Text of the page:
A Brief History of Mulberry Bend

At the intersection of history and the immigrant experience

Written for Kenneth Jackson’s Columbia University undergraduate course “History of the City of New York”

.

Mulberry Bend c.1896. Buildings on left side of street are now demolished.[1]

.

Mulberry Bend, nestled between the New York County Criminal Court and the tenements of Chinatown, is at the geographic crossroads of New York City history. At 500 feet long and 50 feet wide, Mulberry Bend is between Bayard Street to the north and Worth Street to the south. Named after the slight turn the street makes midblock, the Bend has a rich, over 350 year history: marsh, city slum, site of urban renewal, and now heart of the Western Hemisphere’s largest Chinese enclave.[2] Through its rich history, the Bend’s brick and wood-frame tenements hosted waves of immigrant groups: Irish, Italians, freed blacks, and now the Chinese, one of New York’s most resilient immigrant groups whose presence in Chinatown reaches as far back as the 1830s. Consistent to these immigrant groups is their struggle to survive and prosper in America. Many of these immigrants, such as the Irish and Italians, have long left the Five Points neighborhood where the Bend is located, leaving few traces of their presence. But the neighborhood was vital as their first point of contact in the New World, a way station between their country of origin and future prosperity in the Promised Land. As such, the Bend exemplifies some of the trademarks of the immigrant experience: a working-class community populated by an immigrant diaspora that emulates the language and tradition of their country of birth. Though their homeland may be distant, in Italy, Spain, Germany, Ireland, or China, they recreated a familiar world beneath the skyscrapers of Lower Manhattan. Neither fully American nor fully foreign, neither a quiet residential street nor busy commercial thoroughfare, the Bend existed and exists as a community of transient identity.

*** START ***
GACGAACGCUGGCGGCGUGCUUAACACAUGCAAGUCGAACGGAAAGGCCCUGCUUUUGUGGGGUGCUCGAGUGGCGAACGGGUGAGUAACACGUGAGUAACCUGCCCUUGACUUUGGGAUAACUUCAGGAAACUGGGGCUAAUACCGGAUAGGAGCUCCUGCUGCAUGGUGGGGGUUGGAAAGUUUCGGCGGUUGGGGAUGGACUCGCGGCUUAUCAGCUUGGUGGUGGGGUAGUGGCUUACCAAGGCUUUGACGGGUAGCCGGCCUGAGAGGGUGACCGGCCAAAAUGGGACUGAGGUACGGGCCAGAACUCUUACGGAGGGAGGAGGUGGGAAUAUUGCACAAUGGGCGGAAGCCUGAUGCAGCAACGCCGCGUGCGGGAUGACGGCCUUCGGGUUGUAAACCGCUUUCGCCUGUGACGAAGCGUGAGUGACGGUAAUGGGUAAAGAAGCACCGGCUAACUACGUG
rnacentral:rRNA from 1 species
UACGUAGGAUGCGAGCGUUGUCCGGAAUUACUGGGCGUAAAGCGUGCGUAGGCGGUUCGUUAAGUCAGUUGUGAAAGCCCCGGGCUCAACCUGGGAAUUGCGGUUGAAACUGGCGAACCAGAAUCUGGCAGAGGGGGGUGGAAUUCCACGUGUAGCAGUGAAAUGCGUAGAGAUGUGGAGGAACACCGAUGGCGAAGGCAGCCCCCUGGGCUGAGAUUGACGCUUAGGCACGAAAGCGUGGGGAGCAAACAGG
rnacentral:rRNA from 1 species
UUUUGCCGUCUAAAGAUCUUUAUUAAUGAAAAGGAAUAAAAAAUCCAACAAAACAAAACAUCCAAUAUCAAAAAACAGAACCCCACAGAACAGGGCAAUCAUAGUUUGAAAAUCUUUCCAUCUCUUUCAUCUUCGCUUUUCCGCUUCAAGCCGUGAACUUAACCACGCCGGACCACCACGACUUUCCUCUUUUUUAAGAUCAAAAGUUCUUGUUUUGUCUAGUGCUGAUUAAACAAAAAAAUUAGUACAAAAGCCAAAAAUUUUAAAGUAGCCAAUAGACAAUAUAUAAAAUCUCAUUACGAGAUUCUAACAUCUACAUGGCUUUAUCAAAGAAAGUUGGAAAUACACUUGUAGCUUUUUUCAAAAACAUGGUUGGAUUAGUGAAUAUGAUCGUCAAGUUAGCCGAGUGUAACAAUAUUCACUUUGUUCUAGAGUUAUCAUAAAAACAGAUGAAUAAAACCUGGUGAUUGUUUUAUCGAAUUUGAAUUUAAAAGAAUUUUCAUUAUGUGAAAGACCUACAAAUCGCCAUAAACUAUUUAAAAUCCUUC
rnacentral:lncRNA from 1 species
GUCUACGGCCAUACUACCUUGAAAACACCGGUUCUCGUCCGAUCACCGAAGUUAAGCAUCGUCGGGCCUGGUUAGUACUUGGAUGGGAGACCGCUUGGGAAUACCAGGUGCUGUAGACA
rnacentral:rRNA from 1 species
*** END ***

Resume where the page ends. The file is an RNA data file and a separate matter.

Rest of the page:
When the Dutch first settled New York, the area of Mulberry Bend and Chinatown was wooded and marshy land. The Bowery, one block east of what would become Mulberry Bend, was a Lenape Indian trail traveling from the tip of Manhattan to the heights of Harlem, about ten miles distant. The New York County Criminal Courts, one block west of the Bend, was the site of colonial New York’s main source of drinking water, the Collect Pond.[3] Change came when the city’s tanning industry developed at the adjoining Collect Pond because it could carry away their industrial waste. The Ratzer Map of Manhattan, dated 1776, even plots the Bend, which bends to avoid the marshy topography of the Collect Pond. Despite this moderate industrial development and gradual filling in of the pond with soil, the area remained marshy and unfit for living.[4]

.